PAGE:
Yet Another Discussion On the Impacts of COVID-19

Jeanne Torp
March 17, 2020

I’m going to write about a topic that is not at all new right now and one that is honestly getting a little old: the coronavirus. I, for one, totally expect at least 4 new emails or news notifications regarding the newest border closure or social/travel restriction every day. I’m tired of hearing about it, but still feel the need to discuss it as it still seems completely extraordinary and impossible even after all this time.

The evolution of the coronavirus is something that I have been keeping up with since my second week in Paris, in the middle of January. From the first few news notifications I received talking about this mysterious virus that had suddenly and inexplicably appeared in China, I was researching and reading as much information was available. I was honestly already a little concerned about the virus at this point, as one of my best friends had just returned from a semester abroad in Beijing and I myself had been living in Shanghai over the summer. The fears of the virus having any serious impact on me or my friend at the time were unfounded, but this was completely unchartered territory - who knew what it could do or who could be infected?

This is what has been the most frustrating to me throughout this whole experience. No one knows. We have learned new things about this virus every day and every day a new location is hit by its impacts. Just when I thought France couldn’t be touched by this new menace, a mere two or three days after I had first started researching the virus, it appeared right outside my door in Paris. At that point, Europe seemed worlds away from China and the rest of the affected areas of Asia, but the world is always smaller than we think. 

The incredible accessibility of the world today makes this outbreak all the more interesting and all the more terrifying. We now have the ability to travel across the world and back so easily, a fact that is completely intertwined with recent events, as people thousands of miles away from the original epicenter of COVID-19 die and thousands of study abroad students like myself scramble to find last minute flights back home before they are trapped abroad. The accessibility of the word through virtual platforms provides an interesting spin to this crisis as well, as people all over the world, in affected and untouched places alike share advice, news, and even memes about the spread and evolution of the virus. 

Being in Paris and seeing the United States, my university, and my friends back home react to the virus, for example, was not easy. Coming from a place that has only barely been touched by the virus until very recently, seeing such extreme reactions and precautions starting to take place back home felt very strange. I understand that, ultimately, all measures and reactions are being taken in order to curb the spread of the virus before it has a chance to enter communities. However, seeing these measures while in a place like France, where normal life continued with only minor changes despite the ever-quickening virus having been present for weeks, seemed unreal. It was frustrating to continue to receive and see worried posts and emails concerning the virus though it had not even come close to touching my state yet while I was living in a place where the cases were increasing by the hundreds daily.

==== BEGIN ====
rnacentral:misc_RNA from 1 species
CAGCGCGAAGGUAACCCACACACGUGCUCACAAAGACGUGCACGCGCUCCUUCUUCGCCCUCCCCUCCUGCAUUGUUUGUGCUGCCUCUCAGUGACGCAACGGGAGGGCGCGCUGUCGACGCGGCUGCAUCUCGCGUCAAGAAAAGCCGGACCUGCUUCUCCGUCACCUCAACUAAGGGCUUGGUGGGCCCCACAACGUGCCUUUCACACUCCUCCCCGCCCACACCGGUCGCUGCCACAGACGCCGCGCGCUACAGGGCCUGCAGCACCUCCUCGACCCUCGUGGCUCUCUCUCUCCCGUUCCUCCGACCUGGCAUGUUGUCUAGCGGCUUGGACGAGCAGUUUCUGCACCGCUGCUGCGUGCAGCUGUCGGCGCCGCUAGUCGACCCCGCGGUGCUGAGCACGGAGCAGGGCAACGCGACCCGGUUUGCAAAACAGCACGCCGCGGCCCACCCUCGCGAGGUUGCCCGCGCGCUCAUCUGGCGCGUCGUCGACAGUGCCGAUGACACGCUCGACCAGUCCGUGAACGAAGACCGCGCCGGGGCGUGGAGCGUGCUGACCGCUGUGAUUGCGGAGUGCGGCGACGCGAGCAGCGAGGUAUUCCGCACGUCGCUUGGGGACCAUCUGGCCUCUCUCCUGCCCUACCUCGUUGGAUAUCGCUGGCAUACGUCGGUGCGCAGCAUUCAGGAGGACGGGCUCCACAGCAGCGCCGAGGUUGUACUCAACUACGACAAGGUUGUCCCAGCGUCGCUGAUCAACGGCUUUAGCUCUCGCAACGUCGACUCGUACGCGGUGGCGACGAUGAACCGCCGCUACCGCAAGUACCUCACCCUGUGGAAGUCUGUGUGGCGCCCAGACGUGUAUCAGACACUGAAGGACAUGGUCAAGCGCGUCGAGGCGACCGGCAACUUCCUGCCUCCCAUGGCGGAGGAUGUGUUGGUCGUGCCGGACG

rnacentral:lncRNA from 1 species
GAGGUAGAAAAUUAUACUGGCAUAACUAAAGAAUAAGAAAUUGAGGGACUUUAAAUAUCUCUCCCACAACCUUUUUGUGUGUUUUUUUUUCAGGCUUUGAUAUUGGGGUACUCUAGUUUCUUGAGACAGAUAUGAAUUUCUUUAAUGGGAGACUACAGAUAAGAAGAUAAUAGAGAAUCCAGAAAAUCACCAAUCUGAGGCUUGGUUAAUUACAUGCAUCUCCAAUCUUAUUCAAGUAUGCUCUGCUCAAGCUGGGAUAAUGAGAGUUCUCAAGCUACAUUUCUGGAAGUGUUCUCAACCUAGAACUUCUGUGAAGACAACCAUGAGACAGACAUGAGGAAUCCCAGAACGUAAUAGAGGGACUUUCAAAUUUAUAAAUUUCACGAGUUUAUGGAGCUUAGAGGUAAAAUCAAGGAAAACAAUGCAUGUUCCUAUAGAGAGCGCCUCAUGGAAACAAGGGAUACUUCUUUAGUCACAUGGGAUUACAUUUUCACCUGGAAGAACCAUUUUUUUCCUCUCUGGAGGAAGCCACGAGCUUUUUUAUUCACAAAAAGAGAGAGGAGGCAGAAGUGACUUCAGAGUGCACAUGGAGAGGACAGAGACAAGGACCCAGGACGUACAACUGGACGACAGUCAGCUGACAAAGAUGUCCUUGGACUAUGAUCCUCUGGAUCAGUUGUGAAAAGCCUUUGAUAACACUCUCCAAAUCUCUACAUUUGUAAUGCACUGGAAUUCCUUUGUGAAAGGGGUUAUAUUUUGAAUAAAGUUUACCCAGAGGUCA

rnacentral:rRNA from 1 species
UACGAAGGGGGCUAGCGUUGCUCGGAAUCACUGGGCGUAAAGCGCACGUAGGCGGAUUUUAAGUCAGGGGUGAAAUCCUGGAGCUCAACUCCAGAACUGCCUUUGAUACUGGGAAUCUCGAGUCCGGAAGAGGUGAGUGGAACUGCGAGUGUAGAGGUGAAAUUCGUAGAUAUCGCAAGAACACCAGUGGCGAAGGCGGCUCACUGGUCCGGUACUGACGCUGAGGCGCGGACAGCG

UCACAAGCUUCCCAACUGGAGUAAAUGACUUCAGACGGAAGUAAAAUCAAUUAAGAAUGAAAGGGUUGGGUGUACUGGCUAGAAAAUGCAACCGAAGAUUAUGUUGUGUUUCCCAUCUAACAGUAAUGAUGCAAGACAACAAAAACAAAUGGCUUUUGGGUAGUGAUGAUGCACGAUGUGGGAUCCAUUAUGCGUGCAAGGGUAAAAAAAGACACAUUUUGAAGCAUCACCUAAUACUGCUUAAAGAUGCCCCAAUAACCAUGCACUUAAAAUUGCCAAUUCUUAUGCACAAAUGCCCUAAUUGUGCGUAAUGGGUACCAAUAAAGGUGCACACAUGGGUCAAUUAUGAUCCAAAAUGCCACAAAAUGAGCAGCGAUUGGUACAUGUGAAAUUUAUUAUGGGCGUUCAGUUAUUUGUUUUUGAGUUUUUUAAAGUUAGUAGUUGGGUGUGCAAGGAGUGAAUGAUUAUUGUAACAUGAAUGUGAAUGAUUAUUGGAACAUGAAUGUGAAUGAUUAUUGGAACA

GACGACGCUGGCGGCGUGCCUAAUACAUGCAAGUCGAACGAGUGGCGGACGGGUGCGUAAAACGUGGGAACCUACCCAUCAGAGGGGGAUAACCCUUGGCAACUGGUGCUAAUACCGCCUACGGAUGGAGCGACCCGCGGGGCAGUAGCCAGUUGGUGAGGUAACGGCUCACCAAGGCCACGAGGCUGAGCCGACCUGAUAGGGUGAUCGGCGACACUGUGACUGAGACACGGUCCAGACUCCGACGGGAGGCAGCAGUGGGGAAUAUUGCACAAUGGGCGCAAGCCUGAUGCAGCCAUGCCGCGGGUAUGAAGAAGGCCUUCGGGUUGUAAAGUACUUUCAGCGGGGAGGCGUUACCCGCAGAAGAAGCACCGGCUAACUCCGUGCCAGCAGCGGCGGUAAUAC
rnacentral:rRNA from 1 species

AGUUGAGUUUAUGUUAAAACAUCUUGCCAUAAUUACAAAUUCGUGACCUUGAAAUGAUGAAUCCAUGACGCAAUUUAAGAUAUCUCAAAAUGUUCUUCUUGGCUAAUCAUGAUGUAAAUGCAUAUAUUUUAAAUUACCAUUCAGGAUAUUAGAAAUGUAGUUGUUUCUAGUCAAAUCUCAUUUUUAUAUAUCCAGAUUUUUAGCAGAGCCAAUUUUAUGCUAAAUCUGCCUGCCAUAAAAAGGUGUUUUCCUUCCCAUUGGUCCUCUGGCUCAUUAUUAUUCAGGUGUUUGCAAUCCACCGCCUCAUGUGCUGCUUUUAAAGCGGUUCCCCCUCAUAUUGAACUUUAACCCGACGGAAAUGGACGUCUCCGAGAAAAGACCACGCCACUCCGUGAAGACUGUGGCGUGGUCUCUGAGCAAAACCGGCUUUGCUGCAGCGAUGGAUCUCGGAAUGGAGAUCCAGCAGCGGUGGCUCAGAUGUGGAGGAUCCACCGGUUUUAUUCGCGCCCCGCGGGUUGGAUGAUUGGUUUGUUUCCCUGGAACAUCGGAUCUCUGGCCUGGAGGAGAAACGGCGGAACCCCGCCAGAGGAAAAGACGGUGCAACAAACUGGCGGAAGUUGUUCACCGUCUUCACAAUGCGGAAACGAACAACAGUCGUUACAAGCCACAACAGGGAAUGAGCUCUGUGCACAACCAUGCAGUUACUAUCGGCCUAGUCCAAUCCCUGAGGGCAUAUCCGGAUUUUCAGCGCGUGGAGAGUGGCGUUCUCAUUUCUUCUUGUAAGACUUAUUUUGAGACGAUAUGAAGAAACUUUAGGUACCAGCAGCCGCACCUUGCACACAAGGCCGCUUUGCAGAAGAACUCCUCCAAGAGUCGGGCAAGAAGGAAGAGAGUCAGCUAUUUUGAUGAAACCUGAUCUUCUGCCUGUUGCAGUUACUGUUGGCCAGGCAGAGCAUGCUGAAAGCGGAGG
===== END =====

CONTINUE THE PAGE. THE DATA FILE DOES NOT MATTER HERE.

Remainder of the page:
It was strange to feel almost more entitled to feelings of worry regarding the virus and as if I was more knowledgeable about the issues at hand. Maybe those feelings are valid, maybe they’re not. As time passes, these feelings start to hold less and less significance as the virus continues to spread to those areas that I once again never thought would be touched and as the first few cases finally appeared in my home state.

With this being said, I’m sure I express the feelings of every study abroad student when I say that I can’t help but wonder if I’m really better off back home? If the virus will eventually reach everyone, which it seems like it will, are any of us truly better off for having our programs cut short, for being sent home early? The feelings associated with this outbreak are and will continue to be difficult to cope with as people around the world will continue to be impacted in dramatically different ways, some more devastating than others. The situation is unfair, and my feelings of simultaneous bitterness and numbness are feelings I’m sure will be sticking with me for a while. However, none of us are alone in our experiences and relations with this virus, meaning the only thing to be done is to try our best to connect to and be respectful of one another, placing health and recovery over all else and simply trying to move forward.

Jeanne Torp

<p>My name is Jeanne Torp. I'm a junior at the University of Mississippi majoring in International Studies and French and minoring in Environmental Studies! I will be studying abroad in Paris, France for the Spring 2020 semester, working to better my language skills and immerse myself in the French culture. After graduating, I hope to enter into the urban design or architecture fields, which I'm especially excited to be pursuing as new green and sustainable methods are being introduced to the field every day. Some of my hobbies include traveling, writing, photo- and video-taking, music, and reading.</p>

2020 Spring
Home University:
University of Mississippi
Biloxi, MS
French Language
International Studies
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